The New World: A Quarterly Review of Religion, Ethics and Theology ..., Volume 1, Issue 1

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Houghton, Mifflin and Company, 1892 - Religion
 

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Page 688 - Poetry is not like reasoning, a power to be exerted according to the determination of the will. A man cannot say, I will compose poetry ! The greatest poet even cannot say it, for the mind in creation is as a fading coal, which some invisible influence, like an inconstant wind, awakens to transitory brightness...
Page 327 - It is come, I know not how, to be taken for granted by many persons, that Christianity is not so much as a subject of inquiry; but that it is, now at length, discovered to be fictitious. And accordingly they treat it as if, in the present age, this were an agreed point among all people of discernment ; and nothing remained, but to set it up as a principal subject of mirth and ridicule, as it were, by way of reprisals, for its having so long interrupted the pleasures of the world.
Page 279 - Sorrow is hard to bear, and doubt is slow to clear, Each sufferer says his say, his scheme of the weal and woe: But God has a few of us whom he whispers in the ear; The rest may reason and welcome: 'tis we musicians know.
Page 407 - ... the Father of spirits, and live ? For they verily for a few days chastened us after their own- pleasure ; but he for our profit, that we might be partakers of his holiness.— Heb.
Page 280 - See the King— I would help him but cannot, the wishes fall through. Could I wrestle to raise him from sorrow, grow poor to enrich, To fill up his life, starve my own out, I would— knowing which, I know that my service is perfect. Oh, speak through me now! Would I suffer for him that I love? So wouldst thou— so wilt thou!
Page 50 - Jesus Christ belonged to the true race of prophets. He saw with open eye the mystery of the soul. Drawn by its severe harmony, ravished with its beauty, he lived in it, and had his being there. Alone in all history he estimated the greatness of man. One man was true to what is in you and me. He saw that God incarnates himself in man, and evermore goes forth anew to take possession of his World. He said, in this jubilee of sublime emotion, "I am divine. Through me, God acts; through me, speaks. Would...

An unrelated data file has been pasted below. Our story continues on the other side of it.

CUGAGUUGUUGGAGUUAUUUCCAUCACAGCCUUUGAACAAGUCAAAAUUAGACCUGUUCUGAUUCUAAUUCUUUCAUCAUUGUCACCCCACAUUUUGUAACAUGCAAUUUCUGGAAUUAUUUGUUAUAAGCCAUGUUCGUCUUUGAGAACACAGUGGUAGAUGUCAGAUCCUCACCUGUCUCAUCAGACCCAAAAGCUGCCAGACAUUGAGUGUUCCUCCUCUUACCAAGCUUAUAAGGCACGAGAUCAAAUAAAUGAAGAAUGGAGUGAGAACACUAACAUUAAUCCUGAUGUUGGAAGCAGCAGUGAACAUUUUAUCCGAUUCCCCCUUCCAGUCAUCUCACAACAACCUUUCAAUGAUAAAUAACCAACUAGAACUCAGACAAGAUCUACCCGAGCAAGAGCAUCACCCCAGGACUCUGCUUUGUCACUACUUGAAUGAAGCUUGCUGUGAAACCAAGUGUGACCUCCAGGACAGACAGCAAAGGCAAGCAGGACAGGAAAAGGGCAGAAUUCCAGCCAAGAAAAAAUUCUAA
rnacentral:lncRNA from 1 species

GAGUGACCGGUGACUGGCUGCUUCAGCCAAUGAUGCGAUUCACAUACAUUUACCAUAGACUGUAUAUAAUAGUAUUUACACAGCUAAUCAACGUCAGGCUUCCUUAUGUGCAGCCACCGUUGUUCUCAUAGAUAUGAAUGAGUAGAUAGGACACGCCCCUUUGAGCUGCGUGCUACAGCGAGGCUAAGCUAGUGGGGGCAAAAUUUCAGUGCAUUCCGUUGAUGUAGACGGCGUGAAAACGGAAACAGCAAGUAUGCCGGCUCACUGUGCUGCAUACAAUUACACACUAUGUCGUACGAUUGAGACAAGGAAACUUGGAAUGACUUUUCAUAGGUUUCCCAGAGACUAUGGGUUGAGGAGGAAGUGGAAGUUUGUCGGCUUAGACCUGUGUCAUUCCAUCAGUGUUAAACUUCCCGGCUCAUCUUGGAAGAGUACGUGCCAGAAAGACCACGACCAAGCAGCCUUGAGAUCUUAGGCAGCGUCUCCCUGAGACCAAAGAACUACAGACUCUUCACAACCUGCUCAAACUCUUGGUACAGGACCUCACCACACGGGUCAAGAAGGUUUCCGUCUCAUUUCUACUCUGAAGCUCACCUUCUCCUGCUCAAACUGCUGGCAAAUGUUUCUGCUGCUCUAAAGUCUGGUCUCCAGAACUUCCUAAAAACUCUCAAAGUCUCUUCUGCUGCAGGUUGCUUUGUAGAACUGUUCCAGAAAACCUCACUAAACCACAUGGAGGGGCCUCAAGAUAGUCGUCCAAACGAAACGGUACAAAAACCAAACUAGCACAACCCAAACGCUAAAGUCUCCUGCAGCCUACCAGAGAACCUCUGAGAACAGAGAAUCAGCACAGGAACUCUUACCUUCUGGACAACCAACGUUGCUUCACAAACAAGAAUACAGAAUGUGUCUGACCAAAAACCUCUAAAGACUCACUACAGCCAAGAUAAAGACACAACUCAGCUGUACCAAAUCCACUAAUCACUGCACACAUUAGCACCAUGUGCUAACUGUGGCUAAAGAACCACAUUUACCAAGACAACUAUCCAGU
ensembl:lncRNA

Page 277 - Thou, Lord, in the beginning hast laid the foundation of the earth ; and the heavens are the works of thine hands: They shall perish; but thou remainest; and they all shall wax old as doth a garment; And as a vesture shalt thou fold them up, and they shall be changed: but thou art the same, and thy years shall not fail.
Page 316 - For when we were yet without strength, in due time Christ died for the ungodly. For scarcely for a righteous man will one die ; yet peradventure for a good man some would even dare to die. But God commendeth his love toward us, in that while we were yet sinners, Christ died for us.
Page 279 - We have but faith: we cannot know, For knowledge is of things we see; And yet we trust it comes from thee, A beam in darkness: let it grow.
Page 279 - If e'er when faith had fallen asleep, I heard a voice, "believe no more," And heard an ever-breaking shore That tumbled in the Godless deep, A warmth within the breast would melt The freezing reason's colder part, And like a man in wrath the heart Stood up and answered, "I have felt.

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